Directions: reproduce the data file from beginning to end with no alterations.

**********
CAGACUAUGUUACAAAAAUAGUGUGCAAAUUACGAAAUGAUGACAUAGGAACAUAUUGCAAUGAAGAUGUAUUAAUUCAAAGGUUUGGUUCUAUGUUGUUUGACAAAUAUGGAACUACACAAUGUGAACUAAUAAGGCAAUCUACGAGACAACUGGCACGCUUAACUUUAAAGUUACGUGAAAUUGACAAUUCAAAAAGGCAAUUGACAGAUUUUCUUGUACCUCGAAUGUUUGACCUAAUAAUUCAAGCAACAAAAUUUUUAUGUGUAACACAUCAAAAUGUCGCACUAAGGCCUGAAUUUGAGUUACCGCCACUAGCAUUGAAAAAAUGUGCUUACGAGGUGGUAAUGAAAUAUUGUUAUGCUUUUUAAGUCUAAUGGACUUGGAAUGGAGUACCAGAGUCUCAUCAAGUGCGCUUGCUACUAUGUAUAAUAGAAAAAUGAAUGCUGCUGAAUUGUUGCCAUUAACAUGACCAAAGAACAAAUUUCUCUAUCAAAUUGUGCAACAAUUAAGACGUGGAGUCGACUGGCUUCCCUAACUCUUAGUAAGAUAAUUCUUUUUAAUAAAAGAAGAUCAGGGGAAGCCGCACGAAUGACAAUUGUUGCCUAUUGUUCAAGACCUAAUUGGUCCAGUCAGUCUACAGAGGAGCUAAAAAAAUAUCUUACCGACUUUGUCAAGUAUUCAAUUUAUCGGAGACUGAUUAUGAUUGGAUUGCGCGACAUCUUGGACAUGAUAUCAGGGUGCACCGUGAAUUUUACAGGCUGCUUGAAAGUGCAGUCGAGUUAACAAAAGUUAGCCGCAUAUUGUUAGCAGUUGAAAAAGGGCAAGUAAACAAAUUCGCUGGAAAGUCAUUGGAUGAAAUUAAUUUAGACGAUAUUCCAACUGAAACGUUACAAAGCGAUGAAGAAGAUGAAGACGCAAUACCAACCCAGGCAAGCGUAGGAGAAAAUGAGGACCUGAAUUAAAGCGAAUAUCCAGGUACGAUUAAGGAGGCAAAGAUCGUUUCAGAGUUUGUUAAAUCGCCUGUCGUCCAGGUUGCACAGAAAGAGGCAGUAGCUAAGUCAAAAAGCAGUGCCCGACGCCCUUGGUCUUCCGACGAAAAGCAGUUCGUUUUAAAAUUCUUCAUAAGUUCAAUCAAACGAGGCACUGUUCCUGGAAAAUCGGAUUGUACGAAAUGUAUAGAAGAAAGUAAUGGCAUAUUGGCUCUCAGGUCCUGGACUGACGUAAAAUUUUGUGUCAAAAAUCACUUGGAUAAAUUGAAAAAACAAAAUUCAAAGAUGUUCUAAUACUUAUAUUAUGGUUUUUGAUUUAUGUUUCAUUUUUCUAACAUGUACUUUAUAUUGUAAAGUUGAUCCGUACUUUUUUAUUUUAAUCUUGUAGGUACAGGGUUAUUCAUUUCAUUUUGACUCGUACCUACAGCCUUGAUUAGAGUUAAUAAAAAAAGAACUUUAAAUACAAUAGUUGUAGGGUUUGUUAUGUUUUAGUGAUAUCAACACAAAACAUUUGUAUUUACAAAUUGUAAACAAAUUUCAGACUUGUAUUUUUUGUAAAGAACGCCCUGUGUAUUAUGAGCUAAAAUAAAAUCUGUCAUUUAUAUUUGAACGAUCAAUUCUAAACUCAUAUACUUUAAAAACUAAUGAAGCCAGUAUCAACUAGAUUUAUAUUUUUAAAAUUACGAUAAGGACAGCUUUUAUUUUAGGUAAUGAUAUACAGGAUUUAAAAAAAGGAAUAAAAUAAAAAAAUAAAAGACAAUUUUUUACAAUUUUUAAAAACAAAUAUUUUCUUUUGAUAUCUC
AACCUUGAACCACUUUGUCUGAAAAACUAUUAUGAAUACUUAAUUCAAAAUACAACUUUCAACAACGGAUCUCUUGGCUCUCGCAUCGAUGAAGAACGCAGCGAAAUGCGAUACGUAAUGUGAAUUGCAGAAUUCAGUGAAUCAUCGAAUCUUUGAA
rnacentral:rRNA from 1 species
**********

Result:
CAGACUAUGUUACAAAAAUAGUGUGCAAAUUACGAAAUGAUGACAUAGGAACAUAUUGCAAUGAAGAUGUAUUAAUUCAAAGGUUUGGUUCUAUGUUGUUUGACAAAUAUGGAACUACACAAUGUGAACUAAUAAGGCAAUCUACGAGACAACUGGCACGCUUAACUUUAAAGUUACGUGAAAUUGACAAUUCAAAAAGGCAAUUGACAGAUUUUCUUGUACCUCGAAUGUUUGACCUAAUAAUUCAAGCAACAAAAUUUUUAUGUGUAACACAUCAAAAUGUCGCACUAAGGCCUGAAUUUGAGUUACCGCCACUAGCAUUGAAAAAAUGUGCUUACGAGGUGGUAAUGAAAUAUUGUUAUGCUUUUUAAGUCUAAUGGACUUGGAAUGGAGUACCAGAGUCUCAUCAAGUGCGCUUGCUACUAUGUAUAAUAGAAAAAUGAAUGCUGCUGAAUUGUUGCCAUUAACAUGACCAAAGAACAAAUUUCUCUAUCAAAUUGUGCAACAAUUAAGACGUGGAGUCGACUGGCUUCCCUAACUCUUAGUAAGAUAAUUCUUUUUAAUAAAAGAAGAUCAGGGGAAGCCGCACGAAUGACAAUUGUUGCCUAUUGUUCAAGACCUAAUUGGUCCAGUCAGUCUACAGAGGAGCUAAAAAAAUAUCUUACCGACUUUGUCAAGUAUUCAAUUUAUCGGAGACUGAUUAUGAUUGGAUUGCGCGACAUCUUGGACAUGAUAUCAGGGUGCACCGUGAAUUUUACAGGCUGCUUGAAAGUGCAGUCGAGUUAACAAAAGUUAGCCGCAUAUUGUUAGCAGUUGAAAAAGGGCAAGUAAACAAAUUCGCUGGAAAGUCAUUGGAUGAAAUUAAUUUAGACGAUAUUCCAACUGAAACGUUACAAAGCGAUGAAGAAGAUGAAGACGCAAUACCAACCCAGGCAAGCGUAGGAGAAAAUGAGGACCUGAAUUAAAGCGAAUAUCCAGGUACGAUUAAGGAGGCAAAGAUCGUUUCAGAGUUUGUUAAAUCGCCUGUCGUCCAGGUUGCACAGAAAGAGGCAGUAGCUAAGUCAAAAAGCAGUGCCCGACGCCCUUGGUCUUCCGACGAAAAGCAGUUCGUUUUAAAAUUCUUCAUAAGUUCAAUCAAACGAGGCACUGUUCCUGGAAAAUCGGAUUGUACGAAAUGUAUAGAAGAAAGUAAUGGCAUAUUGGCUCUCAGGUCCUGGACUGACGUAAAAUUUUGUGUCAAAAAUCACUUGGAUAAAUUGAAAAAACAAAAUUCAAAGAUGUUCUAAUACUUAUAUUAUGGUUUUUGAUUUAUGUUUCAUUUUUCUAACAUGUACUUUAUAUUGUAAAGUUGAUCCGUACUUUUUUAUUUUAAUCUUGUAGGUACAGGGUUAUUCAUUUCAUUUUGACUCGUACCUACAGCCUUGAUUAGAGUUAAUAAAAAAAGAACUUUAAAUACAAUAGUUGUAGGGUUUGUUAUGUUUUAGUGAUAUCAACACAAAACAUUUGUAUUUACAAAUUGUAAACAAAUUUCAGACUUGUAUUUUUUGUAAAGAACGCCCUGUGUAUUAUGAGCUAAAAUAAAAUCUGUCAUUUAUAUUUGAACGAUCAAUUCUAAACUCAUAUACUUUAAAAACUAAUGAAGCCAGUAUCAACUAGAUUUAUAUUUUUAAAAUUACGAUAAGGACAGCUUUUAUUUUAGGUAAUGAUAUACAGGAUUUAAAAAAAGGAAUAAAAUAAAAAAAUAAAAGACAAUUUUUUACAAUUUUUAAAAACAAAUAUUUUCUUUUGAUAUCUC
AACCUUGAACCACUUUGUCUGAAAAACUAUUAUGAAUACUUAAUUCAAAAUACAACUUUCAACAACGGAUCUCUUGGCUCUCGCAUCGAUGAAGAACGCAGCGAAAUGCGAUACGUAAUGUGAAUUGCAGAAUUCAGUGAAUCAUCGAAUCUUUGAA
rnacentral:rRNA from 1 species